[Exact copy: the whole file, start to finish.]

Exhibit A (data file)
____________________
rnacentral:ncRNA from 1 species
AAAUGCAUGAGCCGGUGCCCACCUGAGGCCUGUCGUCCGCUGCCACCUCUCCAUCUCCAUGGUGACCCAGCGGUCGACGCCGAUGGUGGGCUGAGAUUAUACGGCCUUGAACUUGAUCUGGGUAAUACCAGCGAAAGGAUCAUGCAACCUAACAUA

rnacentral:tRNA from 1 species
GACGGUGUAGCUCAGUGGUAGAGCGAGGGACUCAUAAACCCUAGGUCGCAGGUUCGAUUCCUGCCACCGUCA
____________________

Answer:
rnacentral:ncRNA from 1 species
AAAUGCAUGAGCCGGUGCCCACCUGAGGCCUGUCGUCCGCUGCCACCUCUCCAUCUCCAUGGUGACCCAGCGGUCGACGCCGAUGGUGGGCUGAGAUUAUACGGCCUUGAACUUGAUCUGGGUAAUACCAGCGAAAGGAUCAUGCAACCUAACAUA

rnacentral:tRNA from 1 species
GACGGUGUAGCUCAGUGGUAGAGCGAGGGACUCAUAAACCCUAGGUCGCAGGUUCGAUUCCUGCCACCGUCA